<MODERATOR EDIT- political comment removed>

Here’s the Wall Street Journal …

https://www.wsj.com/articles/hold-the-n ... 1670961420
Hold the Nuclear Fusion Hype

The breakthrough is exciting but its practical use as an energy source may be decades away.

… snip …

The lasers are less than 1% efficient and used about 300 megajoules. As Lawrence Livermore director Kim Budil put it: “300 megajoules at the wall [socket], two megajoules at the laser.” Generating electricity from fusion would require such reactions to be performed every second of the day, a vast increase in laser efficiency and reduction in their size.

There’s good reason to be excited about the breakthrough, but the Biden Administration is overselling its immediate impact.
Why are they doing that? Well, for one … there is bad news coming out of the ITER project. It’s behind schedule. They're no longer saying anything about the much touted milestone of first plasma in 2025. They’re bandying about dates like 2035 as when deuterium-tritium experiments will begin. But the news is even worse than that. Here’s NPR …

https://www.npr.org/2022/12/13/11422080 ... ate-change
Unless there's an even larger breakthrough, fusion is unlikely to play a major role in power production before the 2060s or 2070s, says Tony Roulstone, a nuclear engineer at Cambridge University in the U.K., who's done an economic analysis of fusion power.
Meaning that commercial fusion may not be 30 years away any more but 50 years away!
Last edited by ForumModerator on Fri Dec 16, 2022 4:15 pm, edited 1 time in total.
Reason: this forum is not going to become a venue for political debate

BeAChooser
Posts: 948
Joined: Thu Oct 15, 2015 2:24 am

Re: Speaking of wasting money …

Unread post by BeAChooser » Sat Dec 17, 2022 3:25 am

https://phys.org/news/2022-12-nuclear-f ... rough.html
Fusion power has, for decades, seemed to be a prize that remains forever just out of reach. Though significant challenges remain, as researchers are now actively working on improving laser technology and reactor design, breakthroughs will inevitably lead to further progress towards nuclear fusion based power plants. Some researchers working on fusion are now sensing that they might see fusion providing energy to the grid within their own lifetimes.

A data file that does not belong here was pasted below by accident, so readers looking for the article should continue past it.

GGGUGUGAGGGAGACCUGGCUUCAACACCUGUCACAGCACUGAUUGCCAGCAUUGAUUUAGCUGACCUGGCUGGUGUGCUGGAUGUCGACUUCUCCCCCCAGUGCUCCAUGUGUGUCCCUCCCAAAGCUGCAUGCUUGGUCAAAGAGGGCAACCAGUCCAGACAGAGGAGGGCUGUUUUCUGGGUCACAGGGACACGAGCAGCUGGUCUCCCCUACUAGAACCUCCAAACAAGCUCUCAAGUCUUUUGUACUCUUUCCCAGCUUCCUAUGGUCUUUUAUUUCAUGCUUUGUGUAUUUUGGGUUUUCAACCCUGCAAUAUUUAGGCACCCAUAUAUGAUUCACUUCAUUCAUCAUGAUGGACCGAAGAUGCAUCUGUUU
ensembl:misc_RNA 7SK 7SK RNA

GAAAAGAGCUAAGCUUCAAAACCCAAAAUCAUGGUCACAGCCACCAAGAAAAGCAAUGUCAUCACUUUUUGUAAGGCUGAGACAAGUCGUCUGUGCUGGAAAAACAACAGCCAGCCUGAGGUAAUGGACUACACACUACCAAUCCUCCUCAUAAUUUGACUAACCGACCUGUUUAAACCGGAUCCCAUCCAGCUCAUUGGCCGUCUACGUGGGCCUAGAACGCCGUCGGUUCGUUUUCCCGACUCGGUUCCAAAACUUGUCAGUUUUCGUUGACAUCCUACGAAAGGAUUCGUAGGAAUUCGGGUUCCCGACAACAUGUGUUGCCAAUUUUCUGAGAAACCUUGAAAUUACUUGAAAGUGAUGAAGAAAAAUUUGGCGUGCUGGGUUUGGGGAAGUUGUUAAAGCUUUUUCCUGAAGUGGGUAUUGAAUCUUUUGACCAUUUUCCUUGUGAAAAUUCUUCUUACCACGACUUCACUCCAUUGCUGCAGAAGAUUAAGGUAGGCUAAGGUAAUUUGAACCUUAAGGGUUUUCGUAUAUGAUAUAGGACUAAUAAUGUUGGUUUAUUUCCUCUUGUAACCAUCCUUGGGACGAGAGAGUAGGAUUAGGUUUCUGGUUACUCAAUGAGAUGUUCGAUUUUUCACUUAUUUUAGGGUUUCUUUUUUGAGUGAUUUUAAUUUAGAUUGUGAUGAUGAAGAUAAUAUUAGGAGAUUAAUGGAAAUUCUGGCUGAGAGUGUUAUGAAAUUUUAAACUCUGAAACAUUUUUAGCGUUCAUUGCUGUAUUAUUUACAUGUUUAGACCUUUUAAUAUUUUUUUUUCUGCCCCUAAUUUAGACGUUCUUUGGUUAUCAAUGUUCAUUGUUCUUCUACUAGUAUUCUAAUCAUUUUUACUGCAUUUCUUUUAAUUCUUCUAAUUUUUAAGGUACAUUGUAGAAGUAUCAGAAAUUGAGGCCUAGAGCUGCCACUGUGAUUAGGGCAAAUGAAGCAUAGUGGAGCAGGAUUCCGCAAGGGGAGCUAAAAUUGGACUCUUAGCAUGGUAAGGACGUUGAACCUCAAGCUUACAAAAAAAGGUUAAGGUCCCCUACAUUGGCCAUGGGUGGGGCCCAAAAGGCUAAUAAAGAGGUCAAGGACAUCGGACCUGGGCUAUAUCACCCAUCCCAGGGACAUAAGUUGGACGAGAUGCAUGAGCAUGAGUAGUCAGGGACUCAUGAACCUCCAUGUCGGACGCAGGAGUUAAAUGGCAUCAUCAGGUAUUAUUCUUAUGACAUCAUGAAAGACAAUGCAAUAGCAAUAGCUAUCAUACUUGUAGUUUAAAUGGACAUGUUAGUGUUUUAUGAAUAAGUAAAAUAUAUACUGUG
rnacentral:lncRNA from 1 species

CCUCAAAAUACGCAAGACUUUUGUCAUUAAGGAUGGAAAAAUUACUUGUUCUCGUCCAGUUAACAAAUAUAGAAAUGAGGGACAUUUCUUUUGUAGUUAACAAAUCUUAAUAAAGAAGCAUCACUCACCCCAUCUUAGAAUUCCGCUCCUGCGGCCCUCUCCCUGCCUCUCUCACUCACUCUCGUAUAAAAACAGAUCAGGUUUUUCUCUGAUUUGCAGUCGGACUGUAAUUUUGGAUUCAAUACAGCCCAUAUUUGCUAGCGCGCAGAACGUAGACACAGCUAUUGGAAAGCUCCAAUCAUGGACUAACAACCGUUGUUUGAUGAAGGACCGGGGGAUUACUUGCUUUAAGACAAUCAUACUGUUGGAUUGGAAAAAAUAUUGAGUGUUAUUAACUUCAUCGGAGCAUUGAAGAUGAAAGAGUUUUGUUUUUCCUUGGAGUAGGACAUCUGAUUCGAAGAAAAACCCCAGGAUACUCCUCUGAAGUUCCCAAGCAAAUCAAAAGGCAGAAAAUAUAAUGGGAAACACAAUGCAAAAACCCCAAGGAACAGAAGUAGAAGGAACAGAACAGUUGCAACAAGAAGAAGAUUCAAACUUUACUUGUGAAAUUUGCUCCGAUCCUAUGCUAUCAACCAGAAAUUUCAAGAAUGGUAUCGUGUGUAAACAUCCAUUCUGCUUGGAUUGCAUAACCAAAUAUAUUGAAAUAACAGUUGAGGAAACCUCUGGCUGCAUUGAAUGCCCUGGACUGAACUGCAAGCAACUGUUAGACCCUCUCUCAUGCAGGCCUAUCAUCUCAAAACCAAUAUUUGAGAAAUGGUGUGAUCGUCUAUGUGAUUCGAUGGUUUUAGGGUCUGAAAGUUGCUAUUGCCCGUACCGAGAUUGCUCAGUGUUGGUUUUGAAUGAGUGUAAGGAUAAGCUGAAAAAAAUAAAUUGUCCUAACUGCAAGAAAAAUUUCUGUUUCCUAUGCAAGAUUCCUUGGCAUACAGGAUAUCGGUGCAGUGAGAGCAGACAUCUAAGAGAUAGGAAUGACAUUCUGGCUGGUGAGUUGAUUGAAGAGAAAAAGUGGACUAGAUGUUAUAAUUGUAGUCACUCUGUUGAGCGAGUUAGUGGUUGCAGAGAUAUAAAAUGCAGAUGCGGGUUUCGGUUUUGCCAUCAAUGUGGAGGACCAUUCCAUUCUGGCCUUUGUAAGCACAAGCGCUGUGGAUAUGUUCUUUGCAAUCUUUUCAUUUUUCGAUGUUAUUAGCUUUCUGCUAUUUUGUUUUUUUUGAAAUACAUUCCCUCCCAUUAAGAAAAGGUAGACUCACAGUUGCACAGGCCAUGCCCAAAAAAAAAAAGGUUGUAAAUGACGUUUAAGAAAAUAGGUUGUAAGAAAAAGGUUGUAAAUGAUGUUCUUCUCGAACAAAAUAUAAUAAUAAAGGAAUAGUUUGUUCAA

Some researchers are in their 20s with a life expectancy of 50 to 60 years. So, like I noted in the last post, we’ve gone from them predicting commercial fusion in 30 years to predicting it in 50 or 60 years. Yikes!

Cargo
Posts: 664
Joined: Fri Sep 17, 2010 2:02 am

Re: Speaking of wasting money …

Unread post by Cargo » Sat Dec 17, 2022 5:29 am

interstellar filaments conducted electricity having currents as high as 10 thousand billion amperes
"You know not what. .. Perhaps you no longer trust your feelings,." Michael Clarage
"Charge separation prevents the collapse of stars." Wal Thornhill

BeAChooser
Posts: 948
Joined: Thu Oct 15, 2015 2:24 am

Re: Speaking of wasting money …

Unread post by BeAChooser » Sat Dec 17, 2022 7:01 pm

Cargo wrote:
Sat Dec 17, 2022 5:29 am
This is just hilarious...
Yes. It's all showmanship to see continued funding. Now I read that the little BB sized ball of fuel that was ignited cost $1 million to manufacture. And it produced enough heat to boil 3 kettles of water. If he'd worded it that way, maybe the audience might not have been so impressed.

Cargo
Posts: 664
Joined: Fri Sep 17, 2010 2:02 am

Re: Speaking of wasting money …

Unread post by Cargo » Sun Dec 18, 2022 12:32 am

I know right, he could barely stop himself from laughing it seemed. I was waiting for him to start cackling like the Joker.
interstellar filaments conducted electricity having currents as high as 10 thousand billion amperes
"You know not what. .. Perhaps you no longer trust your feelings,." Michael Clarage
"Charge separation prevents the collapse of stars." Wal Thornhill